From now on I hope to always educate myself as best I can. But lacking this, in the future I will relaxedly turn back to my secret mind and see what it has observed when I thought I was sitting this one out. We never sit anything out. We are cups constantly and quietly being filled. The trick is, knowing when to tip ourselves over and let the beautiful stuff out.

- Ray Bradbury

The French have gone now.

And since the Algerian independence in 1963, its French name has been changed to the Arabic "Bedjaia." But in the late-twenties, when the tricolor was still flying atop every flagpole of that lovely little town that nestles at the foot of the mountains, thus reflecting in the Mediterranean, it was still called "Bougie" (pronounced boogee), and I was born there.

Those were the days before la nuit colonial, the dark nights before the dawn of the Arab liberation and what was fated to be the last few remaining decades of my own people's colonial days. Now Bedjaia is changing, inasmuch as it has been propelled with the rest of Algeria into the jet age. As its government tries to blend eleventhcentury Islamic traditions with twentieth-century socialism, my old hometown is now achieving stature. It has become a port, which my father helped to build in 1927, for the supertanker in whose bowels the oil coming from the Sahara becomes precious cargo. It is taken to its expensive destinations all over the world.

Changes were rapid not only in Bedjaia, but all over Algeria. The French presence that lasted for over one hundred and thirty-two years is all but eradicated, along with the forgotten streets and town names. And sadly, with it will go the remaining ghosts of what had been six generations of the Lamberts, my mother Rose's family. But I still have a few memories, a few souvenirs of my own too short years in intriguing Algiers. That was long ago, but nevertheless I still recall much, some painful, like the servitude that kept me working in my parents' café, some twelve hours a day, seven days a week-for they never closed-that still added up to no pay. They didn't pay themselves, so why would they have paid me? But still, and this is what made it all worthwhile, all the money they could have given me would not have been as precious as what they taught me! For indeed from them I learned many things, such as tolerance, love and help of one's neighbors, and a strength of character shown by courage, both physical and moral, for these qualities were demonstrated to me not by words, but by deeds, in everything they did. During the war for instance, I saw my father give his one remaining good shirt to a vagrant he had never seen before. As well, there were the countless times when my mother went out in the middle of the night to attend to a sick child with the contagious typhoid fever or meningitis.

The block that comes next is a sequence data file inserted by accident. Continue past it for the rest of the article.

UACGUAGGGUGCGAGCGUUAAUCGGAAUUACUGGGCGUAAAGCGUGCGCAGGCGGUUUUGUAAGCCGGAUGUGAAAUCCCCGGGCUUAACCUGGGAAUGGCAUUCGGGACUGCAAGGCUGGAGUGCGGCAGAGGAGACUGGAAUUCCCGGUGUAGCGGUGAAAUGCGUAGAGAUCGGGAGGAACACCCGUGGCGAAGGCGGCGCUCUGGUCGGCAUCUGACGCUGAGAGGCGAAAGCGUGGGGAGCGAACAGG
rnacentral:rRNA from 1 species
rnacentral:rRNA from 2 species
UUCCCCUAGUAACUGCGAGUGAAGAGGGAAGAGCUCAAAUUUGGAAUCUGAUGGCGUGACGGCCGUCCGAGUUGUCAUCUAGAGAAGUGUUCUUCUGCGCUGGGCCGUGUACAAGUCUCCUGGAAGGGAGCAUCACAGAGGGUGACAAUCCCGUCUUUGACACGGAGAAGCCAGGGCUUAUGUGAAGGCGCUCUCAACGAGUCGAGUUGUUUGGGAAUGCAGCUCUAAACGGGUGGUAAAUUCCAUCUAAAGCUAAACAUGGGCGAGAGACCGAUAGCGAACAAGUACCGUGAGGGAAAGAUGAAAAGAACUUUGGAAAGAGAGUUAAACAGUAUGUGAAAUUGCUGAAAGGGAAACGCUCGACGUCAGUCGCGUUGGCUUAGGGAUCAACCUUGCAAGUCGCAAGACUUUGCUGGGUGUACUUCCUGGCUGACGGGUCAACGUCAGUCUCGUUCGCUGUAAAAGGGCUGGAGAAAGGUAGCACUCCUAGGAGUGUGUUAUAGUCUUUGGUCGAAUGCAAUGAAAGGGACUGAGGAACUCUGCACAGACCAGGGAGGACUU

But I am getting ahead of my story. So let me start at the beginning. This I must do with Salvador, for unlike my mother Rose, who was closed as a clam about her past life before she married Dad, he had many stories to tell and was only too happy to regale his family after Sunday dinner, when, long before television or even radio, storytelling was a pastime enjoyed by both the raconteur and his listeners. In Salvador's case, it usually started when one of the children would ask, "Please, Papa, tell us about the time in the restaurant in Bougie when the four Arabs came in, and one of them had a razor!" (He loved that one.) But the next best story was one about his army days in Germany and "the farmer's daughter."